Diocese of Covington Apologizes To Students Falsely Smeared By Fake News

The Diocese of Covington released a statement apologizing to the Nick Sandmann and the teenage students who were falsely smeared by the media as racists due to their interaction with Native activist, Nathan Phillips.

After a week of false reporting that lead to death threats, doxxing, and bomb scares, bolstered by the Covington Diocese’s unwillingness to admit they might have been wrong about the students, the diocese finally released a statement formally apologizing to the teens.

The statement, written and signed by Bishop Robert J. Foys, served to retract its previous statements and apologize to Sandmann in particular.

“We are sorry that this situation has caused such disruption in the lives of so many. We apologize to anyone who has been offended in any way by either of our statements which were made with good will based on the information we had,” the statement read, “We should not have allowed ourselves to be bullied and pressured into making a statement prematurely, and we take full responsibility for it.”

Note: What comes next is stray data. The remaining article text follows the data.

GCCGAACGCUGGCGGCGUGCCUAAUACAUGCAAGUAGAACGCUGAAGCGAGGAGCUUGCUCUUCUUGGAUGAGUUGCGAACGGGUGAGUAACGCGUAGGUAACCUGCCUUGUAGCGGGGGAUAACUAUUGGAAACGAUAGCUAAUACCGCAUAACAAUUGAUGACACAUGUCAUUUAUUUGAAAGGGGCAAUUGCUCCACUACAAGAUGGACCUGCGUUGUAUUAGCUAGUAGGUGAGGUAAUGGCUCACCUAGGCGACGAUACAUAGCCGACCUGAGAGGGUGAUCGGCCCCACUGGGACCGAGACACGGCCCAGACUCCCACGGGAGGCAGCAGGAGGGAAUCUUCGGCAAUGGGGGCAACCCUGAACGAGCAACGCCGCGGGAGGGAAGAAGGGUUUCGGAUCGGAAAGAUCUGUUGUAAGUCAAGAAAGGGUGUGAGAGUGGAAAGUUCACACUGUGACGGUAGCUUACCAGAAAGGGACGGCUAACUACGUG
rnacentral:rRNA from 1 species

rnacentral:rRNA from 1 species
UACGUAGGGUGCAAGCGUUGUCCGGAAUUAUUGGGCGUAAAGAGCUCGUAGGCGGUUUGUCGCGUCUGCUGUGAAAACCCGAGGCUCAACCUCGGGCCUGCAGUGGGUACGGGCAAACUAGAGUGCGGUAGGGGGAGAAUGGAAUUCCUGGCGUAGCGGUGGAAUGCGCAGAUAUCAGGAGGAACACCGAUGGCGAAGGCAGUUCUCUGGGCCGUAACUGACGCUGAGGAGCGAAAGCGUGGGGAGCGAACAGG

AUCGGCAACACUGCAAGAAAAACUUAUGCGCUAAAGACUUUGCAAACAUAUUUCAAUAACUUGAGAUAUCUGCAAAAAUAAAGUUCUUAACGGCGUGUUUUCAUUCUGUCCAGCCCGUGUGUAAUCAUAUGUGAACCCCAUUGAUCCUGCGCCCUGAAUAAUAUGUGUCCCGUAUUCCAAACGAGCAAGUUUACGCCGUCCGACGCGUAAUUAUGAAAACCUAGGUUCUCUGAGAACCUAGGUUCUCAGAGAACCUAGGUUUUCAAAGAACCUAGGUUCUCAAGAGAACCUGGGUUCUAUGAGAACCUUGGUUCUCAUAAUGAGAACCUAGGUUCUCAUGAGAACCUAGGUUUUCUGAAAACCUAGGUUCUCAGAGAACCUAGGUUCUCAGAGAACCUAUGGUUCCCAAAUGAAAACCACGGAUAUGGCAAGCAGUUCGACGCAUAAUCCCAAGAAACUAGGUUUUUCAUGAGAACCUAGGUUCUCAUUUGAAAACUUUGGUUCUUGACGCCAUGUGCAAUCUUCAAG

“I especially apologize to Nicholas Sandmann and his family as well as to all CovCath families who have felt abandoned during this ordeal,” Bishop Foys continued, “Nicholas unfortunately has become the face of these allegations based on video clips. This is not fair. It is not just.”

Prior to this written apology, many of the Covington Catholic parents had planned to keep their children home from a Catholic Confirmation ceremony, preventing them from joining the Catholic Church.

The Diocese of Covington had put out two previous statements which appeared to pile-on to the media’s narrative about racist teens confronting the Native-man, Phillips, who claimed he was a Vietnam war veteran.

This narrative has completely fallen apart over the last week, as a longer video exonerated the students, and Phillips was outed to be a former refrigerator repairman who never saw Vietnam, and a current radical left wing activist.

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